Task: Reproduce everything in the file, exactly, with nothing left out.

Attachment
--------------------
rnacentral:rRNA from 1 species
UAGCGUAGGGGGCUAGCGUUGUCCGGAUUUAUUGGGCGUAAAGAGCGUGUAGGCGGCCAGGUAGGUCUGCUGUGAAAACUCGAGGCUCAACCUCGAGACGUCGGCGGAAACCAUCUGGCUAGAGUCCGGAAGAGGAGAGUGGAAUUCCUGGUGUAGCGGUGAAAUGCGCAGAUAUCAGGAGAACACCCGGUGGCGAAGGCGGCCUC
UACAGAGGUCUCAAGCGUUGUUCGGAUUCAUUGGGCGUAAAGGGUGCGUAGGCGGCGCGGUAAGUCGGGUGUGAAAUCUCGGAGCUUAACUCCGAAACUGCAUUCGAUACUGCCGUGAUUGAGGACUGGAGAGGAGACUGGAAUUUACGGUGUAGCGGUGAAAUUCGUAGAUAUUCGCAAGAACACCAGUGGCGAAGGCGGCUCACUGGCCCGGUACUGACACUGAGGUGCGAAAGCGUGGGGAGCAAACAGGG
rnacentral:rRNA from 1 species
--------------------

rnacentral:rRNA from 1 species
UAGCGUAGGGGGCUAGCGUUGUCCGGAUUUAUUGGGCGUAAAGAGCGUGUAGGCGGCCAGGUAGGUCUGCUGUGAAAACUCGAGGCUCAACCUCGAGACGUCGGCGGAAACCAUCUGGCUAGAGUCCGGAAGAGGAGAGUGGAAUUCCUGGUGUAGCGGUGAAAUGCGCAGAUAUCAGGAGAACACCCGGUGGCGAAGGCGGCCUC
UACAGAGGUCUCAAGCGUUGUUCGGAUUCAUUGGGCGUAAAGGGUGCGUAGGCGGCGCGGUAAGUCGGGUGUGAAAUCUCGGAGCUUAACUCCGAAACUGCAUUCGAUACUGCCGUGAUUGAGGACUGGAGAGGAGACUGGAAUUUACGGUGUAGCGGUGAAAUUCGUAGAUAUUCGCAAGAACACCAGUGGCGAAGGCGGCUCACUGGCCCGGUACUGACACUGAGGUGCGAAAGCGUGGGGAGCAAACAGGG
rnacentral:rRNA from 1 species